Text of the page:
“They hung in there,” he said. “It’s one thing for us to pivot. We know our stuff. We’re in the driver’s seat. But for passengers who don’t know what’s going on, it must have been terrifying, concerning, anxiety-making. Yet they rose to the occasion.”
Close to 22,000 students were enrolled in the winter 2020 term and of those, more than 3,500 were finishing their degrees. That last day of in-person classes would be the last time these graduating students would see all of their professors and classmates. To top off the disappointment was the postponement of the Graduation Powwow and Spring Convocation.
On the day that would have been the Graduation Powwow, graduating Indian Teacher Education Program (ITEP) student Rollin Baldhead and his group—the Walking Buffalo Singers—recorded an honour song in the Gordon Oakes Red Bear Student Centre. Saskatchewan Urban Native Teacher Education Program (SUNTEP) student Tawnie Kotyk sang the Year of the Métis Tribute in The Bowl. Their songs were shared far and wide as part of the #USaskClassof2020 celebration.
The #USaskClassof2020 web-page could never replace the powwow or convocation ceremonies, according to University Registrar Russell Isinger, who oversaw the team tasked with finding ways to celebrate the graduates. But on the day that convocation would have started at Merlis Belsher Place, the celebration website was populated with congratulatory messages and videos, student stories and a list of graduating students. Celebratory GIFs and other graphics were also available to be shared on social media.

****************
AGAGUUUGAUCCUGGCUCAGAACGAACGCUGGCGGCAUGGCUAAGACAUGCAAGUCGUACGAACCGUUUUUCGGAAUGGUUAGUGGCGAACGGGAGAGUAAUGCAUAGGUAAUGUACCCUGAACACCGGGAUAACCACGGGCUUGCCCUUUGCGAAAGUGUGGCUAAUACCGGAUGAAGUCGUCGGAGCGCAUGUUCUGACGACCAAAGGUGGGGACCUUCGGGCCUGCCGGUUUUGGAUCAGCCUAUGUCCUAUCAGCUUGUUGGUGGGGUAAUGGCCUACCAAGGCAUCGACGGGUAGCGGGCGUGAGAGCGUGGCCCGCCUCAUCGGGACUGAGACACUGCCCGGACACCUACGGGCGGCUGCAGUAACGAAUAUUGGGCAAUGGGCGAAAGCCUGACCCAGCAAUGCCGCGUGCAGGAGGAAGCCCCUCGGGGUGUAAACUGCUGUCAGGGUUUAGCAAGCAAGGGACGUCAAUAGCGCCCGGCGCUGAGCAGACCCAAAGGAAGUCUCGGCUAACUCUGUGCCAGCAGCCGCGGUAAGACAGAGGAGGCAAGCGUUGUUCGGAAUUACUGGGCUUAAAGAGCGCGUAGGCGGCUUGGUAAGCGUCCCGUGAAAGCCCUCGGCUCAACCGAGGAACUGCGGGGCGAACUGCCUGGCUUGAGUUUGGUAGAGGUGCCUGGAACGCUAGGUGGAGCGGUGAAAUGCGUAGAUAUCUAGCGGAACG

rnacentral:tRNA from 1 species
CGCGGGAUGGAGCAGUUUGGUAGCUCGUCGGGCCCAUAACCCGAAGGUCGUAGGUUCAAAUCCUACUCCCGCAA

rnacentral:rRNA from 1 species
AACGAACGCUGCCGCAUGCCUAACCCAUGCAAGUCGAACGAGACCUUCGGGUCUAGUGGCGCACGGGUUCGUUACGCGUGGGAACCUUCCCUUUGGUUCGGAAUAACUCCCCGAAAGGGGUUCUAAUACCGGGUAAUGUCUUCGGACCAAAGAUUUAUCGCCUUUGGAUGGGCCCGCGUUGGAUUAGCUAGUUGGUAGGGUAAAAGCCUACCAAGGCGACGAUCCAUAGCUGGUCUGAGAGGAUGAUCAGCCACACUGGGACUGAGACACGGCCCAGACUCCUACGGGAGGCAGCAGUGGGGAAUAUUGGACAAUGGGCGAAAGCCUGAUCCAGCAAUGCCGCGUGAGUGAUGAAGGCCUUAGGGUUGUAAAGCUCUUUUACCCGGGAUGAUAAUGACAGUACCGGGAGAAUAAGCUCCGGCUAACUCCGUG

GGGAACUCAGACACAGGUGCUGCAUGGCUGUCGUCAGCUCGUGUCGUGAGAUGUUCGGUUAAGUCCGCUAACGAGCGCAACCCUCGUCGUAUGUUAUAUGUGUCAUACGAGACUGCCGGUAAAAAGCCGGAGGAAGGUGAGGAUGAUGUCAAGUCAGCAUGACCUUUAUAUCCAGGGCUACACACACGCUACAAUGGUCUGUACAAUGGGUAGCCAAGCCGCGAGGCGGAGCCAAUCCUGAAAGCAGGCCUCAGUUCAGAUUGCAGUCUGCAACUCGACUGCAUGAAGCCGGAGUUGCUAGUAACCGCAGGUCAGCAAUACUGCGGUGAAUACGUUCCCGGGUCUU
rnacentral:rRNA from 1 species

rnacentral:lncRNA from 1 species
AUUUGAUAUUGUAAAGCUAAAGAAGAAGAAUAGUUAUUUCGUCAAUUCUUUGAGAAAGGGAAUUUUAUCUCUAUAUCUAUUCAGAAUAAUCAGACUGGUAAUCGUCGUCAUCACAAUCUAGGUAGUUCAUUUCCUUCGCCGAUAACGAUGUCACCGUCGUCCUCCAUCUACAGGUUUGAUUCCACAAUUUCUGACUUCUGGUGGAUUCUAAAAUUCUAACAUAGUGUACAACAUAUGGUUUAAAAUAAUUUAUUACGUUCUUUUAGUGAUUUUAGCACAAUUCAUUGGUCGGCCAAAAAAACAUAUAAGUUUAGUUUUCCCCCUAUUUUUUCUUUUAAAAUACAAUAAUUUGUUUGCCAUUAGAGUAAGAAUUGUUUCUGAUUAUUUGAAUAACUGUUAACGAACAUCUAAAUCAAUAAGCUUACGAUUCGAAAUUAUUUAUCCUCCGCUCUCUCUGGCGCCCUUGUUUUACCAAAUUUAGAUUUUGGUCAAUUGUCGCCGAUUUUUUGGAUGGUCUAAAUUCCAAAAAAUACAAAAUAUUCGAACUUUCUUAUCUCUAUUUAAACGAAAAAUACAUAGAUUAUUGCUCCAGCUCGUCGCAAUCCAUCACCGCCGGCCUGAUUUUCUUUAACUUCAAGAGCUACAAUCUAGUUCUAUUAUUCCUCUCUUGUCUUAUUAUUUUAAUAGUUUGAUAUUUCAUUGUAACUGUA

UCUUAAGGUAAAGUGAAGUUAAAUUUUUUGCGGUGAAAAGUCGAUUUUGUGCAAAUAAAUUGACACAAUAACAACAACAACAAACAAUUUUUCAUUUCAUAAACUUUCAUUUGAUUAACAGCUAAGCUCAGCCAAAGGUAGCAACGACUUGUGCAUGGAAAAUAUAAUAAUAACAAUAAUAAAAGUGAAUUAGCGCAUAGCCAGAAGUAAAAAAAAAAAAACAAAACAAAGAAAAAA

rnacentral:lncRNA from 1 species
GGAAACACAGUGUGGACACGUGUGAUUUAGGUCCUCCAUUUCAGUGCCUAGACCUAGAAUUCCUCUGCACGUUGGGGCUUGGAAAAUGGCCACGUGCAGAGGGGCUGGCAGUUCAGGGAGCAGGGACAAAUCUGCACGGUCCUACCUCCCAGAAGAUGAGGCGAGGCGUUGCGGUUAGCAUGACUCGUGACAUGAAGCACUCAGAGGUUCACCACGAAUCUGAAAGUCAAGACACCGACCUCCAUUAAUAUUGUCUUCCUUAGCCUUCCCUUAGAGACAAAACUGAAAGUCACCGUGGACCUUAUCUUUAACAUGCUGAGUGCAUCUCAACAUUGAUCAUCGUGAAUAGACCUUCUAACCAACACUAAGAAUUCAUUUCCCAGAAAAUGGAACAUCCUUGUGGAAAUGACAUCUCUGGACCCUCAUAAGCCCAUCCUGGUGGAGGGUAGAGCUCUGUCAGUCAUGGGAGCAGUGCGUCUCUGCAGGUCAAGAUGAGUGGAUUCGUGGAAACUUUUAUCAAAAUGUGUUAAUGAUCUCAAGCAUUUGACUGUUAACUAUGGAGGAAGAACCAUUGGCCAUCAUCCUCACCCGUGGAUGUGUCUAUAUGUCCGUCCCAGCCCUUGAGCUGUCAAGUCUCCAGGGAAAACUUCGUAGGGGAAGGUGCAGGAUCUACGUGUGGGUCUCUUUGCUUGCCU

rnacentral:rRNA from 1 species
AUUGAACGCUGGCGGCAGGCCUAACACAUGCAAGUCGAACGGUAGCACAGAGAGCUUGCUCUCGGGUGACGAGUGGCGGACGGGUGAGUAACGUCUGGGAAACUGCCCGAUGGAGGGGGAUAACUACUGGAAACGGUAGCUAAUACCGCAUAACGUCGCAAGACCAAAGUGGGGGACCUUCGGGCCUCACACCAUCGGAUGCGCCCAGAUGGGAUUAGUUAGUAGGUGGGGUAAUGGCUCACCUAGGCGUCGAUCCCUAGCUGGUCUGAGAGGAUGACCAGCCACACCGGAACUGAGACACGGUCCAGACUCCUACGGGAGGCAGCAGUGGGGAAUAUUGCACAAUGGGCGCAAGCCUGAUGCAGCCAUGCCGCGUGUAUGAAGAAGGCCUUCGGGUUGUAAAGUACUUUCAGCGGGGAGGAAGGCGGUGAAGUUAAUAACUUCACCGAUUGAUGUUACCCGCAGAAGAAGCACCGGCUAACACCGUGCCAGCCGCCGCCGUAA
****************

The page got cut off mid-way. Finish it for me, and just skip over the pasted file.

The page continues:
Isinger said students received celebratory posters, USask photo props and congratulatory letters with their parchments by mail. USask spring graduates continue to share pictures on social media of themselves and their parchments.
“This was uncharted territory for us,” said Isinger. “Our goal was not to replace convocation, but to celebrate the accomplishments of our graduates and show them how proud we are of them. We look forward to inviting our graduates to cross the stage at a future ceremony when it’s safe to do so.”
Kaitlyn Dilsner, a marketing student in USask’s Edwards School of Business, said that had it not been for all the hard work of her professors, she wouldn’t have been able to graduate. At the end of March, she was also hit with a family tragedy that forced her to put her education on hold for weeks and she missed all of her scheduled final exams.
“I’m so thankful my exams were remote,” she said, “and that my professors had more room to accommodate my situation without deferring my finals.”
Dilsner successfully completed her program and graduated with great distinction.
“As with every graduate this year, I’m disappointed that we had to postpone our ceremony, but I’m thankful that the college worked so hard to ensure that I would be able to graduate and the university did its very best to make us all feel honoured,” she said. “I’ve had four wonderful years on campus and look forward to the day we can all come back together and have a real goodbye.”